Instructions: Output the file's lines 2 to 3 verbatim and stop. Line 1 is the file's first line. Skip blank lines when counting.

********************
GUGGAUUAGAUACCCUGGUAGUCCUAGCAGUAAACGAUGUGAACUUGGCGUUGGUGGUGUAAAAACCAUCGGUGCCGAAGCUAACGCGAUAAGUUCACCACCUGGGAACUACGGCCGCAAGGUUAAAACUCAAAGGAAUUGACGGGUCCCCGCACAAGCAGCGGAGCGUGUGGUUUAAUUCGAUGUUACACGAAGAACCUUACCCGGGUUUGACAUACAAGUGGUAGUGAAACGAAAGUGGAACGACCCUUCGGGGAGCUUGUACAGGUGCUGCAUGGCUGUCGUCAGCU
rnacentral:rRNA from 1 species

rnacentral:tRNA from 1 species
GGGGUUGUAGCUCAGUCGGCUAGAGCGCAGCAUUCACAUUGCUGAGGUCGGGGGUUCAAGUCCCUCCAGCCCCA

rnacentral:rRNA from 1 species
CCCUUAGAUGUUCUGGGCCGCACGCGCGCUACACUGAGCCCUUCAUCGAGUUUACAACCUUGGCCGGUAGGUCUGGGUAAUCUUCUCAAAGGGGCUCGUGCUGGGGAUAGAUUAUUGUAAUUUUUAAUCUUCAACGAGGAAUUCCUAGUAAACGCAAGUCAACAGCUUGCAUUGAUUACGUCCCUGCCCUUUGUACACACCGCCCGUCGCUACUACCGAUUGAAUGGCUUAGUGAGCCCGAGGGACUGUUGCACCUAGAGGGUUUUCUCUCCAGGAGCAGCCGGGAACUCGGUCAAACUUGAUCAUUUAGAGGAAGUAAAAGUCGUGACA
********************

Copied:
rnacentral:rRNA from 1 species

rnacentral:tRNA from 1 species